With two first-round picks, John Idzik's initial draft as general manager of the Jets produced no shortage of intrigue. Now, we will have to wait and see if cornerback Dee Milliner and defensive tackle Sheldon Richardsoncan prove to be impact players.
Amid rumors they would trade back from one of their two first-round picks, the Jets stood pat as they began their rebuilding process, even if the names weren’t necessarily the high-profile prospects Jets fans were salivating over. With West Virginia wide receiver Tavon Austin and North Carolina guard John Cooper already off the board, the Jets eschewed popular names such as West Virginia quarterback Geno Smith in selecting Milliner and Richardson.
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“We selected two of the top four players on our board, period,” Idzik said. “And we’re extremely thrilled to have that. We were in a very unique position that way, especially considering this draft.”
Milliner, considered the best cover corner in the draft, impressed during his three years at Alabama and is solid in press coverage. He is a physical cornerback who should fit well into the Jets' 3-4 scheme. But Milliner also comes as damaged goods, with recent shoulder surgery in addition to a rod in his tibia and a knee scope on his medical history.
His multiple trips under the knife didn’t scare off the Jets.
“We’re comfortable with the medical. He’s had a few things. He’s a very physical player; he doesn’t miss time. He played through the injuries,” Idzik said.
“Dee just loves football. He just does not miss practice, he does not miss games. And that was really important to us. In short, we were comfortable with his medical.”
Head coach Rex Ryan called him a “complete player.”
“He’s a great tackler,” Ryan said. “He’s physical.”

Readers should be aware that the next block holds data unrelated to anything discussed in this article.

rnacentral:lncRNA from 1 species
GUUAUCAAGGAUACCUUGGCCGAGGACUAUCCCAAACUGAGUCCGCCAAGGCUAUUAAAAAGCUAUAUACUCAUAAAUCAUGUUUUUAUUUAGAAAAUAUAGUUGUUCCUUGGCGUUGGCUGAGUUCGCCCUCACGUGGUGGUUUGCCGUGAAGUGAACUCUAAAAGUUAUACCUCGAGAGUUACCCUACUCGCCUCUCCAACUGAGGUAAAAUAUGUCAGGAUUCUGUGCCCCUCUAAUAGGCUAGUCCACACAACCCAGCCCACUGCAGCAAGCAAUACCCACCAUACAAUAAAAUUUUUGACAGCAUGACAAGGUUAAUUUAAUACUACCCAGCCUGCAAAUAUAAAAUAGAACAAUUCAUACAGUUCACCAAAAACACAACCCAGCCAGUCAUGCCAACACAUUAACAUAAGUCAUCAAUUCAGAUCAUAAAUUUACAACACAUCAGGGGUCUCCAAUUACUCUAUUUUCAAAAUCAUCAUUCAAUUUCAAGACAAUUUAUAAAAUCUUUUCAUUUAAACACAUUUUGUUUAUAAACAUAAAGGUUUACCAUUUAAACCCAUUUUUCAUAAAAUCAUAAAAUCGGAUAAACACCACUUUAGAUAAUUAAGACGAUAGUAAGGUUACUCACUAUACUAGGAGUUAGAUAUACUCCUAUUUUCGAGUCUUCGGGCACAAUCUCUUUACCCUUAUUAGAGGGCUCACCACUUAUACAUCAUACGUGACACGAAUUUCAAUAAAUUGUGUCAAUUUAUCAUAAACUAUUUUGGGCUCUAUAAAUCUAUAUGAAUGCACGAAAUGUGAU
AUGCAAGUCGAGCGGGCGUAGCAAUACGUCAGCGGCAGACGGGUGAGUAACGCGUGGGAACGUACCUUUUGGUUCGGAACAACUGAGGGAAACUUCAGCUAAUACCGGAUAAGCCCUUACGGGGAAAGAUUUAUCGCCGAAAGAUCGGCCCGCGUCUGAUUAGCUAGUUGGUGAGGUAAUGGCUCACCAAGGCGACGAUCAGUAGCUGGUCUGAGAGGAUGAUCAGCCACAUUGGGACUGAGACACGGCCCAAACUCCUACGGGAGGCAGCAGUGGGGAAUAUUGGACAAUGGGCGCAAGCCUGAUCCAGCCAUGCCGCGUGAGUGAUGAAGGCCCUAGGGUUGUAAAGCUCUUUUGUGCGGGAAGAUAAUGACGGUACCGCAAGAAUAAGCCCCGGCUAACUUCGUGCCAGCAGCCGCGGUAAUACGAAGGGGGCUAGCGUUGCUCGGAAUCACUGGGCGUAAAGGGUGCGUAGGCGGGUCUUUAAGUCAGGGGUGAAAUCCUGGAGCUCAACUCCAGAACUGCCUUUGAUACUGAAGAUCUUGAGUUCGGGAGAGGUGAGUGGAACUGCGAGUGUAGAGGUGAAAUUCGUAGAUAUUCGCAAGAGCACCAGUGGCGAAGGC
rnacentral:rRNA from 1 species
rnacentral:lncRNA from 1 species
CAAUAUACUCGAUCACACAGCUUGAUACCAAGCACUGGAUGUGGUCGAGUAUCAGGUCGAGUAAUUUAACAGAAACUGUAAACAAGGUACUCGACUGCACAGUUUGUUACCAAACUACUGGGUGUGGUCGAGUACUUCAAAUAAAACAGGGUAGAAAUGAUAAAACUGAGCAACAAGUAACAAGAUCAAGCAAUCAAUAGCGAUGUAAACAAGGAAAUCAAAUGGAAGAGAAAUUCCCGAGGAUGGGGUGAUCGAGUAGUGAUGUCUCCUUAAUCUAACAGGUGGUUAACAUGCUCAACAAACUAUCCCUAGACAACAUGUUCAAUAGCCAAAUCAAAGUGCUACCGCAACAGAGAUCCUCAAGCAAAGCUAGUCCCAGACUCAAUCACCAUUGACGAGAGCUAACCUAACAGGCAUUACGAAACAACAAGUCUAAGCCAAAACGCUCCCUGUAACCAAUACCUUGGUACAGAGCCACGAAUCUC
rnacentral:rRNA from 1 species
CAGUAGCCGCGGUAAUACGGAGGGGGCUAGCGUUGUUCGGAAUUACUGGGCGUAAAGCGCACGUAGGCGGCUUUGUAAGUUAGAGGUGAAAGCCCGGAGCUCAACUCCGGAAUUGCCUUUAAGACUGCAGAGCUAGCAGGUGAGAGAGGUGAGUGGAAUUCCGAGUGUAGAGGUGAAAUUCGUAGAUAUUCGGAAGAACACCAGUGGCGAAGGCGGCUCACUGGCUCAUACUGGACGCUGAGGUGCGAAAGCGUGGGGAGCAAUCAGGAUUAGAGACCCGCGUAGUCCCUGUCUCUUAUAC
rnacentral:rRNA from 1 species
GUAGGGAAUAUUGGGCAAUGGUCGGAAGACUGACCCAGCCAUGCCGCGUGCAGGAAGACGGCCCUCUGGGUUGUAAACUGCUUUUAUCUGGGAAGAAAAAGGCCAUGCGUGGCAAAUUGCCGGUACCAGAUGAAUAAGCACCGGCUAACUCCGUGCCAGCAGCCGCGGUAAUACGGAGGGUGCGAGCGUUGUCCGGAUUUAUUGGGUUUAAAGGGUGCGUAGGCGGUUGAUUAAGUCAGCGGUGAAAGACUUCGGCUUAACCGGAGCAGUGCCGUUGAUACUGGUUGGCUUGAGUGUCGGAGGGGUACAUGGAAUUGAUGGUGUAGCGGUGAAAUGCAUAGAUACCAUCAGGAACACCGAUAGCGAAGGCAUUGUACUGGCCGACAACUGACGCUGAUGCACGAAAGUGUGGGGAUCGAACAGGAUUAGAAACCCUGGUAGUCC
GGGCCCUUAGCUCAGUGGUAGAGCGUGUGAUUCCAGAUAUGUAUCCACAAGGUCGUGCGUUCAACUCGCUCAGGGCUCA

The Jets owned the No. 9 pick by virtue of their 6-10 record last season and acquired the No. 13 pick from the Buccaneers as part of the Darrelle Revis trade earlier this week. The trade made the Jets the only teams with two selections in the first 15 picks of the draft and it also made Milliner a pick that fit a need.
“[The trade] had nothing to do with this. It was based purely on the player. It might be perceived that way but the reality is [that] Dee was one of our highest-ranked players on our board, regardless of position.”
Rather than trading back at No. 13, the Jets went defense again with the selection of Missouri defensive tackle Sheldon Richardson. With the Tigers, Richardson had 70 tackles and is the ideal three-technique for a team that lacked a pass rush last year.
Richardson represents the third straight year the Jets used a first-round pick on a defensive lineman, having taken Muhammad Wilkerson two years ago and Quinton Coples last year.
“I think he can compete right way. When you say we got two players in our top four, that tells you what the New York Jets think about him,” Ryan said.
The Jets looked away from addressing their multiple needs on offense, in particular at wide receiver and left guard and went defense in the first round for a fourth straight year.
“This draft is deep,” Idzik said with a smile.
Follow Jets beat writer Kristian Dyer on Twitter @KristianRDyer.